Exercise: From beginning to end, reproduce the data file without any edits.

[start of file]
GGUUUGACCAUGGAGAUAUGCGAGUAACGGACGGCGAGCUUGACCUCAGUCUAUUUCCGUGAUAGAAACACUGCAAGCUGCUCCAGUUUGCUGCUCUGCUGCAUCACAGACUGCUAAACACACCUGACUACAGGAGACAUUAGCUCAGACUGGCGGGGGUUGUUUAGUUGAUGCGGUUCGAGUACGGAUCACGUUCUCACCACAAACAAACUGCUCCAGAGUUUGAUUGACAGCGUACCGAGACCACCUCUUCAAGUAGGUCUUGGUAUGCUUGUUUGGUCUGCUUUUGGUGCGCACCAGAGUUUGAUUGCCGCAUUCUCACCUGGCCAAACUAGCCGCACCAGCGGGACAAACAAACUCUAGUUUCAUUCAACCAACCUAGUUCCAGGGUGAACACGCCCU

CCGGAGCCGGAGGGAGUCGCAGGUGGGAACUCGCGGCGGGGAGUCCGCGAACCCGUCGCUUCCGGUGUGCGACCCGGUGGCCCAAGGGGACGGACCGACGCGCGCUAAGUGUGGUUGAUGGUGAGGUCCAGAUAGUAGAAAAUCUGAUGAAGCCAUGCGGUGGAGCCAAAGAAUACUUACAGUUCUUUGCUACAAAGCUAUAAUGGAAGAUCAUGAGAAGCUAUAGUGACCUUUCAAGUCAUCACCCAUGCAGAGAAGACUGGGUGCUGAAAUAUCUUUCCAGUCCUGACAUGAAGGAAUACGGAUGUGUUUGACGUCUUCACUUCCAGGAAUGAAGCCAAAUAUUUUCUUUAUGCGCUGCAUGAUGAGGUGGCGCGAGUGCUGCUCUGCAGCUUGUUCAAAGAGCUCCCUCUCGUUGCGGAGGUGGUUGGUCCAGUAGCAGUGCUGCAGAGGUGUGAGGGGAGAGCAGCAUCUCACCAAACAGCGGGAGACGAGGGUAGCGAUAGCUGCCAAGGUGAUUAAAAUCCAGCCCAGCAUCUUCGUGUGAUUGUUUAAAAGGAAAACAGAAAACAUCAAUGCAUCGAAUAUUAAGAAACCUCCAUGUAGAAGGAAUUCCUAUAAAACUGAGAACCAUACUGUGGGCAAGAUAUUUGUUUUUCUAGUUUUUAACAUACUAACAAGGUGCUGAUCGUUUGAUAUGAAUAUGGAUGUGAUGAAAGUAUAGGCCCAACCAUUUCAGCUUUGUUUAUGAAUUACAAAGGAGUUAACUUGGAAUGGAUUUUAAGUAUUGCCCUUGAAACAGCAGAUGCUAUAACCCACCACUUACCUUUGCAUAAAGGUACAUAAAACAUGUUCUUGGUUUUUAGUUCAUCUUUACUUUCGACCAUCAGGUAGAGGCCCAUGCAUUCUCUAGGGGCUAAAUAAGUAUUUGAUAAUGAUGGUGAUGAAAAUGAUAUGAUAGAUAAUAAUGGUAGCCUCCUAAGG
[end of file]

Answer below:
GGUUUGACCAUGGAGAUAUGCGAGUAACGGACGGCGAGCUUGACCUCAGUCUAUUUCCGUGAUAGAAACACUGCAAGCUGCUCCAGUUUGCUGCUCUGCUGCAUCACAGACUGCUAAACACACCUGACUACAGGAGACAUUAGCUCAGACUGGCGGGGGUUGUUUAGUUGAUGCGGUUCGAGUACGGAUCACGUUCUCACCACAAACAAACUGCUCCAGAGUUUGAUUGACAGCGUACCGAGACCACCUCUUCAAGUAGGUCUUGGUAUGCUUGUUUGGUCUGCUUUUGGUGCGCACCAGAGUUUGAUUGCCGCAUUCUCACCUGGCCAAACUAGCCGCACCAGCGGGACAAACAAACUCUAGUUUCAUUCAACCAACCUAGUUCCAGGGUGAACACGCCCU

CCGGAGCCGGAGGGAGUCGCAGGUGGGAACUCGCGGCGGGGAGUCCGCGAACCCGUCGCUUCCGGUGUGCGACCCGGUGGCCCAAGGGGACGGACCGACGCGCGCUAAGUGUGGUUGAUGGUGAGGUCCAGAUAGUAGAAAAUCUGAUGAAGCCAUGCGGUGGAGCCAAAGAAUACUUACAGUUCUUUGCUACAAAGCUAUAAUGGAAGAUCAUGAGAAGCUAUAGUGACCUUUCAAGUCAUCACCCAUGCAGAGAAGACUGGGUGCUGAAAUAUCUUUCCAGUCCUGACAUGAAGGAAUACGGAUGUGUUUGACGUCUUCACUUCCAGGAAUGAAGCCAAAUAUUUUCUUUAUGCGCUGCAUGAUGAGGUGGCGCGAGUGCUGCUCUGCAGCUUGUUCAAAGAGCUCCCUCUCGUUGCGGAGGUGGUUGGUCCAGUAGCAGUGCUGCAGAGGUGUGAGGGGAGAGCAGCAUCUCACCAAACAGCGGGAGACGAGGGUAGCGAUAGCUGCCAAGGUGAUUAAAAUCCAGCCCAGCAUCUUCGUGUGAUUGUUUAAAAGGAAAACAGAAAACAUCAAUGCAUCGAAUAUUAAGAAACCUCCAUGUAGAAGGAAUUCCUAUAAAACUGAGAACCAUACUGUGGGCAAGAUAUUUGUUUUUCUAGUUUUUAACAUACUAACAAGGUGCUGAUCGUUUGAUAUGAAUAUGGAUGUGAUGAAAGUAUAGGCCCAACCAUUUCAGCUUUGUUUAUGAAUUACAAAGGAGUUAACUUGGAAUGGAUUUUAAGUAUUGCCCUUGAAACAGCAGAUGCUAUAACCCACCACUUACCUUUGCAUAAAGGUACAUAAAACAUGUUCUUGGUUUUUAGUUCAUCUUUACUUUCGACCAUCAGGUAGAGGCCCAUGCAUUCUCUAGGGGCUAAAUAAGUAUUUGAUAAUGAUGGUGAUGAAAAUGAUAUGAUAGAUAAUAAUGGUAGCCUCCUAAGG